PRESIDENT-ELECT Rodrigo Duterte won the May 9 elections on the promise of battling criminality and corruption and ending these in 3 to 6 months. But standing on the peace and order platform is tricky considering how pervasive criminal and corrupt acts are. Still, the Duterte camp is adamant that the new admin can do it. Yet being on the outside looking in is different from being an insider. An outsider cannot see the magnitude of the problem like an insider can.

Here's one development that gives the incoming administration a glimpse of the challenges that lie ahead for it, specifically on the maintenance of peace and order. The terrorist group Abu Sayyaf, which previously aligned itself with Osama bin Laden's Al Qaida network and which now claims to be with the Islamic State (also called Isis), has beheaded two Canadian nationals that it abducted earlier and may behead more. It is still holding hostage a Norwegian and a Filipina.

Last Monday, Abu Sayyaf bandits beheaded Canadian Robert Hall in Sulu and reports say that the terrorist group's spokesperson, Abu Raami, had claimed that the killing was for Duterte. Of course, the real reason for the act was the failure of Hall's family and the Canadian government to pay the ransom but the mention of Duterte could be taken as a dare for the new administration. Will all its posturing be made empty by the Abu Sayyaf?

By talking with the National Democratic Front of the Philippines (NDFP), the Duterte administration will no longer have to deal directly with the armed struggle waged primarily by the New People's Army, the military arm of the Communist Party of the Philippines (CPP). It also looks like Duterte is not planning to scuttle the peace negotiations between the government and the Moro Islamic Liberation Front (MILF), momentarily eliminating the group's military arm from the equation.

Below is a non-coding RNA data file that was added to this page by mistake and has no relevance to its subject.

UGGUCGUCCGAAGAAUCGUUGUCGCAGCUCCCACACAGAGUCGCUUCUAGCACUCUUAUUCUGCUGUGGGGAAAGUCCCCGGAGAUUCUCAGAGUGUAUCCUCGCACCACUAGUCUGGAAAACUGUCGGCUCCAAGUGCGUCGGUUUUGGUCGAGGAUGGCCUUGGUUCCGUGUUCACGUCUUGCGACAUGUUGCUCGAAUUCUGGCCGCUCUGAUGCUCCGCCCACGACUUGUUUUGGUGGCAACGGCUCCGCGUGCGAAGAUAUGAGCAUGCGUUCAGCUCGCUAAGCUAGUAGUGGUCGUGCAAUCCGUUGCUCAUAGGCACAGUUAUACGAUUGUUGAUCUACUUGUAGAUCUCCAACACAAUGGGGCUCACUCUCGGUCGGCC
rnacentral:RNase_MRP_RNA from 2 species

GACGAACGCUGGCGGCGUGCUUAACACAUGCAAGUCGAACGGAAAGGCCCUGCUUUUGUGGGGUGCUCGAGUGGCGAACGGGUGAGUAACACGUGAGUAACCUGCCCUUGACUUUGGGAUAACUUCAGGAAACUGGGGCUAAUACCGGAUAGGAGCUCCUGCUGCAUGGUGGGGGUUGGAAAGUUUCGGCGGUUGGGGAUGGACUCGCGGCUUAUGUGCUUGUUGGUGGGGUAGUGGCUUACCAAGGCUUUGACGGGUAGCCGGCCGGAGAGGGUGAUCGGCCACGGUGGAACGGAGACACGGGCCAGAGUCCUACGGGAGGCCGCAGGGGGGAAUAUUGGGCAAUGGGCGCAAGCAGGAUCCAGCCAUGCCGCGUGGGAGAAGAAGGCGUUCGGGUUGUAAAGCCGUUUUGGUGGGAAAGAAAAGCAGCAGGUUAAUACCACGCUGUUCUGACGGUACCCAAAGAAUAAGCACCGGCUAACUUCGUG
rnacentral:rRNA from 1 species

But even if the incoming administration will not be battling the NPA and the MILF, dealing with the Abu Sayyaf alone would already be a challenge. Despite the all-out offensives launched by previous administrations, with the help of American advisers and equipment, this terrorist group has survived. Among the reasons for that is the nature of the “war” it is waging and the terrain. I don't think the Duterte administration would easily succeed in battling the Abu Sayyaf while the others failed.

After Hall was beheaded, Duterte's designated spokesperson Salvador Panelo immediately issued a disclaimer. He said that we are still under the administration of President Noynoy Aquino, who will end his term on June 30. Meaning that the beheading is still the responsibility of the Aquino administration. Panelo may be right, but for how long can the incoming administration waive responsibility?

The biggest problem for the Duterte camp is that it heaped upon itself tons of expectations and succeeded in projecting an image of a superhero eagerly waiting to wipe out the country's criminals once given the chance. But as they say, reality bites. What would happen, for example, if the Abu Sayyaf would be able to continue spreading terror in Mindanao even under the new dispensation? That would crack the crime buster image that the incoming government is currently shaping.

Everybody will be watching how the next administration will deal with the Abu Sayyaf and other terrorist groups. The hope is that it would succeed in wiping out the terrorist threat. The reality however is that its failed moves would be magnified and ranged against the promise to wipe out criminality in the country.

(khanwens@gmail.com/ twitter: @khanwens)